Nancy Murr

Pierluigi Serraino is a practicing architect and educator. The author of many books on architecture, including TASCHEN's Modernism Rediscovered, his articles and projects have appeared in Architectural Design, ArCA, Global Architecture, Hunch, Construire, Architettura, ACADIA, and Journal of Architectural Education. He is teaching 21st Century Rome: Arts and Architecture with us this fall.


What’s the genesis of your connection to Rome?

I lived in Rome for about ten years. I studied architecture there, became licensed there and then worked there for a bit afterward. So I'm very familiar with the environment. I’m aware of the assets that the city presents as well as the drawback of living with this deep, rich heritage. Someone said a long time ago, yeah, Venice is great, but try getting a refrigerator there. The basic practicality of the day-to-day life can be elusive. But Italy and Rome represent this extraordinary period of patronage, artistic excellence and craftsmanship, followed by loss of support and reinvention. For centuries, architecture spoke Italian and that has not been the case for hundreds of years.

Is that a burdensome legacy?

Absolutely. Let’s go back a bit. Rome was a source of inspiration for architects for centuries. The classical expressionism, cultural processes, the use of public space were infused and disseminated throughout the Anglo-Saxon world. It provided the foundation that others built on.

But then the question is, how does this extraordinary past lay out in the contemporary scene of Rome? That’s what we’re going to discuss in the class. I am deeply familiar with the richness of the city, its texture, its immense consequence and possibility, but at the same time, I’m also aware of the limits its legacy presents to those who want to leave a trace of their own presence.

The challenge of Rome today is that you are literally crushed by the comparison to the past. There is no corner of the Old City that does not have some kind of a historical importance, either for things that happened there, or for characters who were involved in the shaping of those environments. The Old City is really a city museum just like Venice and Florence, but on a much, much larger scale.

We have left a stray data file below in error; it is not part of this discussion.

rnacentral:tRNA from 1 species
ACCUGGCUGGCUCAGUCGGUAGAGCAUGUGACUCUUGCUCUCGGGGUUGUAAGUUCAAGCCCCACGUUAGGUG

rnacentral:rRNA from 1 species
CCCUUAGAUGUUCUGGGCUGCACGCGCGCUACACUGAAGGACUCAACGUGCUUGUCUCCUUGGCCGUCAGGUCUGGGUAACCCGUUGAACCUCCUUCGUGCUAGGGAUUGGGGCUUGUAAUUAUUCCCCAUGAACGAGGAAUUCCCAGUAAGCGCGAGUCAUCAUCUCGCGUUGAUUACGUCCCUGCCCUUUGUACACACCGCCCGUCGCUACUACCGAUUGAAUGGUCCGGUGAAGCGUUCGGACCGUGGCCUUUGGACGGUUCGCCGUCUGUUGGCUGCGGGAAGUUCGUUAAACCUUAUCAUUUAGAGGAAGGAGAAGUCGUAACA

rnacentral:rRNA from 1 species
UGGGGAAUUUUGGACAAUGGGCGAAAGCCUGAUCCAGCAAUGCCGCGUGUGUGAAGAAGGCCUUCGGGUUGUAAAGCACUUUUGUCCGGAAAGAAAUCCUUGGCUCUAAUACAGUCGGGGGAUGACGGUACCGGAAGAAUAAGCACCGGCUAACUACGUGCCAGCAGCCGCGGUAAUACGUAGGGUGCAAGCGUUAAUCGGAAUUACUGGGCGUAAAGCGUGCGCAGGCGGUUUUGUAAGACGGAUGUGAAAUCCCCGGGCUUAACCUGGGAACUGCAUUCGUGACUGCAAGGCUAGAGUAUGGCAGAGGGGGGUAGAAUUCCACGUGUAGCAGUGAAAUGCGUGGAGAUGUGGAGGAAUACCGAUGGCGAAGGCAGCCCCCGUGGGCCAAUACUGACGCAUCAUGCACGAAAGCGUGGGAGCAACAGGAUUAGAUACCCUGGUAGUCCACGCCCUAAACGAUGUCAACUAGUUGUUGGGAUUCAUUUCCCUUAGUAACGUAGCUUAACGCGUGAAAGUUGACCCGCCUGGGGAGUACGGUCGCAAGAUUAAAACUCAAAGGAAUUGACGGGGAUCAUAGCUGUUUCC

I lived at the edge of the Jewish Ghetto. I was literally 20 minutes from the Roman Forum and ten minutes from Pantheon and, you know, you still have to make your eggs and just go through the day-to-day life. So you live with this amazing presence, constantly reminded of this greatness and then when it comes to your turn to make a statement, you’re almost suffocated by the history. That was part of the appeal to me of moving to California.

California doesn’t have history?

California, in a way, represents the exact opposite of Rome. It allows for the unleashing of a sense of possibility, a sense of relevance, historically, culturally, because its history is still being written. Rome’s history has been made.

Your relationship with Rome sounds complex.

I see Rome both in terms of its past and its present. There’s no question that it is immensely entertaining. While you might not always have hot water, you have the immense joy of living in the public space. Standardization, mechanization, don’t exist in the complex of the Old City, but then neither does alienation. It’s vibrant and activated. Everything is human-made, hundreds of years old, layered with historical joys and tragedies. Those walls have borne witness to so much. They might not be LEED certified, but they endure beautifully.

You taught a course on the art and architecture of Paris with OLLI last spring. Now you’re focused on Rome. Where do you think you might take us next?

We haven’t decided yet. I was just in Finland. Helsinki is an extraordinary city. It was not occupied by the Roman Empire, which means there’s not a single temple there. Not a single trace of the Roman order exists anywhere. That creates a radically different mental sense of the culture.

Istanbul is another amazing place. Just marvelous. It’s the point of intersection between Europe and the Far East, where you have one foot in the West and one foot in the East. That tension is played out in the city through the markets, the skyline, the demography. That might be another destination. We shall see.